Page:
Vincenzo made five flights in Scotland in his Grand Air Balloon — which was made of 140m² of green, pink and yellow silk, and which was exhibited, ‘suspended in its floating state’ in the choir of St. Mungo’s Cathedral in Glasgow for the admission charge of one shilling.
The weather was fine at about 14:00 on 23 November 1785 when The Daredevil Aeronaut ‘ascended into the atmosphere with majestic grandeur, to the astonishment and admiration of the spectators’ from St. Andrew’s Square in Glasgow. The two-hour flight covered 110 miles, and passed over Hamilton and Lanark before landing at the feet of ‘trembling shepherds’ in Hawick near the border with England.
A couple of weeks later, in early December, a local ‘character’ called Lothian Tam managed to get entangled in the ropes and as the balloon ascended — again from St. Andrew’s Square in Glasgow, Tam was lifted 6 metres before being cut loose and falling, with apparently no serious injury. The weather was worse on this flight — which had to end after just 20 minutes, with the Grand Balloon landing in Campsie Glen in Milton of Campsie — just over 10 miles from Glasgow. His landing, on 5 December 1785, is commemorated by a small plaque in the village.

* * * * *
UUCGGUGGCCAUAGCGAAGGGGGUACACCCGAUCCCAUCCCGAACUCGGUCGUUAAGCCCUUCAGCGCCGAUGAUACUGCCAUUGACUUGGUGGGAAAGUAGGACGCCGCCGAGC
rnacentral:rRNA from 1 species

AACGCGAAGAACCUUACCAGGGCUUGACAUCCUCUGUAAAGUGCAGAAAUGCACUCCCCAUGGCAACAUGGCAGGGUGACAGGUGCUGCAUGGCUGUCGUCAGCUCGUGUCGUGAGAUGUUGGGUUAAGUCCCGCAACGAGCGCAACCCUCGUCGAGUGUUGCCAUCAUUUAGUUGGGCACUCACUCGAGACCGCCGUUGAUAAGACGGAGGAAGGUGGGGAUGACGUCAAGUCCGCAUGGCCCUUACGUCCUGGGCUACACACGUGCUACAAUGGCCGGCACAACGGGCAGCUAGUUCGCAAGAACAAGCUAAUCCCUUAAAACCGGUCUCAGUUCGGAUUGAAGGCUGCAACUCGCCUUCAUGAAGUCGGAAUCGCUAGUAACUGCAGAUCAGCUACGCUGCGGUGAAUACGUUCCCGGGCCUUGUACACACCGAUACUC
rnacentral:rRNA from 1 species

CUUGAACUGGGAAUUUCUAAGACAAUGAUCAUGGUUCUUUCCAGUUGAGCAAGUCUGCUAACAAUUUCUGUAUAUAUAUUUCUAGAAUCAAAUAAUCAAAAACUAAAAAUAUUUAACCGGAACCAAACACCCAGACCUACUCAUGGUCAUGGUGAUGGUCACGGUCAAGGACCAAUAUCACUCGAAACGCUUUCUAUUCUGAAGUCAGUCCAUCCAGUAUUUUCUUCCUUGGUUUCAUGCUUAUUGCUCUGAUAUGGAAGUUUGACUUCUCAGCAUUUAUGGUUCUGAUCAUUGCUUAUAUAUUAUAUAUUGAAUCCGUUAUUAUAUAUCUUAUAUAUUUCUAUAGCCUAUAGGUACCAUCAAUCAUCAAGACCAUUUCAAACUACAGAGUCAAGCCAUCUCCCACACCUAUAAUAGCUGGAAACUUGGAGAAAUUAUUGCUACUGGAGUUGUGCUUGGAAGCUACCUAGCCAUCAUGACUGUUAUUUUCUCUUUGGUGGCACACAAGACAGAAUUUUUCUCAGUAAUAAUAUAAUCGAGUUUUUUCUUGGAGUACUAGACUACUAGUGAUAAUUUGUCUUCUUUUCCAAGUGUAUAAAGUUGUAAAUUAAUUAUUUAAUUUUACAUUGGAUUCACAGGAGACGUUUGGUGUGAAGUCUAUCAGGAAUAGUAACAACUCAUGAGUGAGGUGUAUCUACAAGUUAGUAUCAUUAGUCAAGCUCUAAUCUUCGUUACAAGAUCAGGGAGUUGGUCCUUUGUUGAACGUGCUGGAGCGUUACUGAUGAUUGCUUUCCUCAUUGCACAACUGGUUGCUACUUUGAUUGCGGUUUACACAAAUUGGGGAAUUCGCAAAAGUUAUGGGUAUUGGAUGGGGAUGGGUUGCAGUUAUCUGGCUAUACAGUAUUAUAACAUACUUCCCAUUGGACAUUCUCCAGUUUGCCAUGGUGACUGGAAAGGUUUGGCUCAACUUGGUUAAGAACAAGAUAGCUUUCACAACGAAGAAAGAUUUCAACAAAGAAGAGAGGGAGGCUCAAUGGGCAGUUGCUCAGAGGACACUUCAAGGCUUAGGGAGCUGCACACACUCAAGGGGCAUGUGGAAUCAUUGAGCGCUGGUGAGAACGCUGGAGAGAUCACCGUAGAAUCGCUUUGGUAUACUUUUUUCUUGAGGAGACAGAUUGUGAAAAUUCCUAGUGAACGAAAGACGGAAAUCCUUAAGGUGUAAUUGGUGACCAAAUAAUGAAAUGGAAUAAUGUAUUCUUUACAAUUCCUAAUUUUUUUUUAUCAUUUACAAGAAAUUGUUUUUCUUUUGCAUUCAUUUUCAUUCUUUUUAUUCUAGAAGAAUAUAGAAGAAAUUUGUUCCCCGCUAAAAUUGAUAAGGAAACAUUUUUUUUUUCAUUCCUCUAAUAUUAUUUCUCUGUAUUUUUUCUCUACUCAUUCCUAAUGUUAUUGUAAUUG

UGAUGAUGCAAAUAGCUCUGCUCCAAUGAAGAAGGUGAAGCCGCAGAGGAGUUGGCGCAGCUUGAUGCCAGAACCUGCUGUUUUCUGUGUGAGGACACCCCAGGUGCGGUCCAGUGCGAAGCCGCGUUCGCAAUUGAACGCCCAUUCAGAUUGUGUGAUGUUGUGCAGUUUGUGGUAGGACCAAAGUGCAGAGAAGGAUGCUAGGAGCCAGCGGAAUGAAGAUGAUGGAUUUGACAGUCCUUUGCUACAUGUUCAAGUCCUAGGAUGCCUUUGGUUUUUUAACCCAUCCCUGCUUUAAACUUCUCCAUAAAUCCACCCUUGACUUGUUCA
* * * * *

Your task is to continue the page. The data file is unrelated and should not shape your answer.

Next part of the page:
However, the next flight on 20 December 1785, was a disaster. Seventy minutes after the ascent from the grounds of Heriot’s Hospital in Edinburgh, Lunardi was forced down in the sea. He spent a long time in the North Sea until rescued by a passing fishing boat which docked at North Berwick. The diary of the Rev John Mill from Shetland states:
‘A French man called Lunardi fled over the Firth of Forth in a Balloon, and lighted in Ceres parish, not far from Cupar, in Fife; and O! how much are the thoughtless multitude set on these and like foolish vanities to the neglect of the one thing needful. Afterwards, ’tis said, when soaring upwards in the foresaid machine, he was driven by the wind down the Firth of Forth, and tumbled down into the sea near the little Isle of May, where he had perished had not a boat been near who saved him and his machine.’
A short time later, (in 1786) Lunardi published An Account of five Aerial Voyages in Scotland in a Series of Letters to his Guardian, Gherardo Campagni.
Lunardi would subsequently also invent a life saving device for shipwrecked people. Called by the inventor his “acquatic machine” it was like a one man lifeboat with an oar for steering. He actually successfully tested the machine in 1787.
After his return to the continent Lunardi would make an assent by balloon near Mt. Vesuvius in September 1789. He also made the first successful ascent by balloon in Sicily in July 1790. It lasted two hours.
Lunardi never married. He died in Lisbon, Portugal in 1806.
A more in-depth history of ballooning can be found at, Flights of Fancy:
A short history, or overview, of British ballooning during the Georgian and Regency, eras: together with interesting eye-witness accounts, to which are added numerous woodcuts and descriptions of the various balloons,
can be found at Printsgeorge.com.